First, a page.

BD Rebuilder guide
Introduction: Backing up Blu-ray disks using BD Rebuilder. Current version 0.45.03 Beta (November 9, 2013)
Welcome to the revised guide for BD Rebuilder. The original guide found in these forums was made in June of 2010, but this program has grown in capabilities to such a degree that I felt a new version of the guide was necessary. BD Rebuilder was originally devised to compress large Blu-ray movies to fit onto 25gb blank discs, but it has become much more versatile, and can now accept many different types of video and it will output to AVCHD, DVD, MKV, and MP4 as well as Blu-ray video format.
The first thing you should be aware of is the fact that BD Rebuilder does not decrypt any type of media. You must decrypt commercial DVD or Blu-ray movies before importing them into this program.
The author of the program is jdobbs, a moderator at the doom9.org forums. He is also the author of DVD Rebuilder, a similar program that only works with DVD-Video.
- You should download BD Rebuilder from this location: http://forum.doom9.org/showthread.php?t=143716 The first post in that thread is updated periodically as new versions are released. There is quite a lot of pertinent information in that first post, so read through it carefully.
The program is still in beta, but don’t let that put you off, as the author doesn’t seem interested in releasing a “final” edition. Improved versions appear quite often. In order to help development of the program, jdobbs has chosen to limit the amount of time each version can be used. This greatly reduces bug reports from problems that have already been fixed. If your version of the program ever fails to start and tells you that it has expired, just go to this download page and get the newest version. Edit: Jdobbs has changed this and your version will not expire, but it is still recommended to update when new versions are released.
- BD Rebuilder relies on several other free programs which must be installed as well. They are FFDSHOW, Matroska Splitter and AviSynth. You should install the versions of these programs that are available through the links at the BD Rebuilder site, as BD Rebuilder is set up to work only with these particular versions.
After installing FFDSHOW, run the Video Decoder Configuration for FFDSHOW from the START/Programs menu, click on Codecs, and make sure MPEG2 decoding is enabled and uses libmpeg2. Look at the setting for H264/AVC also while you are there and make sure Libavcodec is selected as the decoder.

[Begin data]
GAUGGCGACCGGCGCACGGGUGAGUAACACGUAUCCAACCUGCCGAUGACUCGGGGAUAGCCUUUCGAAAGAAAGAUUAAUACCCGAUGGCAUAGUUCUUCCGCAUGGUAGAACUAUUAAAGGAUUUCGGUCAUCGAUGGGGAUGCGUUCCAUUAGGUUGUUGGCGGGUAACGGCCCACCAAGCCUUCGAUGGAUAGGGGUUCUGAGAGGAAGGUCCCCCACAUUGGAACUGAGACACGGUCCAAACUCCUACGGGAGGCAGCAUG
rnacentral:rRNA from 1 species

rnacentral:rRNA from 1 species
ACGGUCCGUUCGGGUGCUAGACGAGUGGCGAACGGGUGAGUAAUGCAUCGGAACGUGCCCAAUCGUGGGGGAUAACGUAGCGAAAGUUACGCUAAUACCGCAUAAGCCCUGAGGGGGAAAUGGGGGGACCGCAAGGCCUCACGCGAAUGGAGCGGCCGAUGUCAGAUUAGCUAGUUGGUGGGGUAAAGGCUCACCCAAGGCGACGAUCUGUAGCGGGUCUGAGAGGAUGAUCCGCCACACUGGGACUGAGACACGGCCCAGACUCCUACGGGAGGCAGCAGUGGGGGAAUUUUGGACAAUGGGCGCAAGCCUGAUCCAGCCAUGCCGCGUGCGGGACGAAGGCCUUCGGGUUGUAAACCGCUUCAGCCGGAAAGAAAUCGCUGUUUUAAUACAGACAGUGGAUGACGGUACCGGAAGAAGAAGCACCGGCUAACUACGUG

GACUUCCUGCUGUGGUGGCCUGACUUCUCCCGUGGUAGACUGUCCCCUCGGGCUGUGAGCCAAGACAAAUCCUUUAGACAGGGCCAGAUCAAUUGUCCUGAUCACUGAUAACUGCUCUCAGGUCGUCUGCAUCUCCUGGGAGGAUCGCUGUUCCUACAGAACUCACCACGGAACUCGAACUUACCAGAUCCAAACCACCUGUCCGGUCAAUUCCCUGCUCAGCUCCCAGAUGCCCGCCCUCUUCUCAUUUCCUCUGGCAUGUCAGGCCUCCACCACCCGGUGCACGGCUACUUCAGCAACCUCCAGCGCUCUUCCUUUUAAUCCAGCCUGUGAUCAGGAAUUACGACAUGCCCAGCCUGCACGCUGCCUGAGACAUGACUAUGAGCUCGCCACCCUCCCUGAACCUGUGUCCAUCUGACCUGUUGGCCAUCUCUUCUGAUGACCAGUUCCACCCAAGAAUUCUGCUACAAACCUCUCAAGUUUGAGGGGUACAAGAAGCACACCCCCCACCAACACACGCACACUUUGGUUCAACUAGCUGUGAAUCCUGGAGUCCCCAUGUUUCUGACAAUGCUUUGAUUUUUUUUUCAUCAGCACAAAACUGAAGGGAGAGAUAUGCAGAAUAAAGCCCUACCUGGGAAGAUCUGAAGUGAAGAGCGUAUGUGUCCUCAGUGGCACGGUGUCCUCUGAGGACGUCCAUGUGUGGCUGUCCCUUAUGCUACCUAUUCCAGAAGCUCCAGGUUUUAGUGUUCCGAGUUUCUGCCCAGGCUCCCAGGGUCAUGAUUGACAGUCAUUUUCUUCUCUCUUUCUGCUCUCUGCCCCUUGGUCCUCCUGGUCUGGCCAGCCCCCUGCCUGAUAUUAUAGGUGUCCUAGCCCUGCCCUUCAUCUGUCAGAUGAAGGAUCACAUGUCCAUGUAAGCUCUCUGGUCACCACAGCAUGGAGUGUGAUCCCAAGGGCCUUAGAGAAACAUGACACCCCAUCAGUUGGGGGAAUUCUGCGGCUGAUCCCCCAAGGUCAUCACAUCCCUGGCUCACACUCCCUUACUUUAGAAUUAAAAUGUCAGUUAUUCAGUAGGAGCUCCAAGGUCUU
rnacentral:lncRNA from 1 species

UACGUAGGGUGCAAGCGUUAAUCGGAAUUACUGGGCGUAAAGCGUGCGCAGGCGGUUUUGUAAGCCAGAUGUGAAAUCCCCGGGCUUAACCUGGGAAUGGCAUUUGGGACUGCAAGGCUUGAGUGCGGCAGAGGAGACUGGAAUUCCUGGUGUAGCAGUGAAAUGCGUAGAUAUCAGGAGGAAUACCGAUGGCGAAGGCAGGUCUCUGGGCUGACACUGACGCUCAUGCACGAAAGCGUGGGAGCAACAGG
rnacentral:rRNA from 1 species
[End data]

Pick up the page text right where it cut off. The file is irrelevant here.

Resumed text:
Jdobbs keeps on changing and improving the program, and now has it compatible with LAV filters. You should only use the LAV filters available at the BD Rebuilder page at Doom9. And if you use both FFDSHOW/Haali and the LAV filters, you should install FFDSHOW and Haali first.
- If you are using Windows XP, you should download and install WMV11, which is included in Windows Media Player 11 for XP. The media player download is here: http://www.microsoft.com/windows/windowsmedia/player/11/default.aspx Once you have that installed, go into the FFDSHOW Video Decoder Configuration again, and set VC1 decoding in FFDSHOW to disabled, thus enabling the WMV11 codec.
If you are using Vista, Win7, Win 8 or 8.1, FFDSHOW Video Decoder Configuration should be set to WMV9 for VC1 decoding.
Once you’ve downloaded BD Rebuilder and installed the auxiliary programs, you need to unzip the download. The program does not install into your Programs list, it simply works in whichever folder you place it. Open the containing folder and you will see several files, including the BD Rebuilder executable file and another one called Inspect.exe. Double click on Inspect.exe and hit the button that says Inspect. This will look for any problems in your installation of the helper programs. (As of February 3, 2014, Jdobbs has stopped including the Inspect.exe in the package with BD Rebuilder. The same function can now be found in the Help section of BD Rebuilder. Click on Help–>Show Settings (Inspect) to check the installation of the auxiliary programs)
At this point, you should be ready to start using the program.
Windows 7, 8 & Windows 10 Users: The first time (and only the first time) you run BD Rebuilder, you may have to Run As Administrator. This is necessary so BD Rebuilder can make codec preference changes in the Windows Registry.
If you are working with commercial Blu Ray movies, I suggest either AnyDVD HD or DVDFab to decrypt them. One other good decryption program is MakeMKV, which can decrypt Blu-ray to MKV format or as files using the Backup mode. MakeMKV is free to use while in beta, and has been in beta for several years now.
BD Rebuilder can make use of a burning program called ImgBurn, which is highly recommended for burning both DVD and Blu-ray media. It is free to use and can be downloaded here: www.imgburn.com
When working with Blu-ray video, you should always rip the movie from the disc to the hard drive before trying to compress it with BD Rebuilder. It will save time and reduce wear on your Blu-ray drive. You should, if possible, use two separate physical hard drives (not just partitions on one drive). Use one hard drive as your source, the second as your target. Compressing high definition video is one of the most demanding chores you can do with a home computer. The speed of your CPU and the number of cores available in the CPU will drastically affect the time it takes for this process. The X264 video encoder used in BD Rebuilder can make use of multiple cores, but even with a modern system, you should expect hours of encoding time.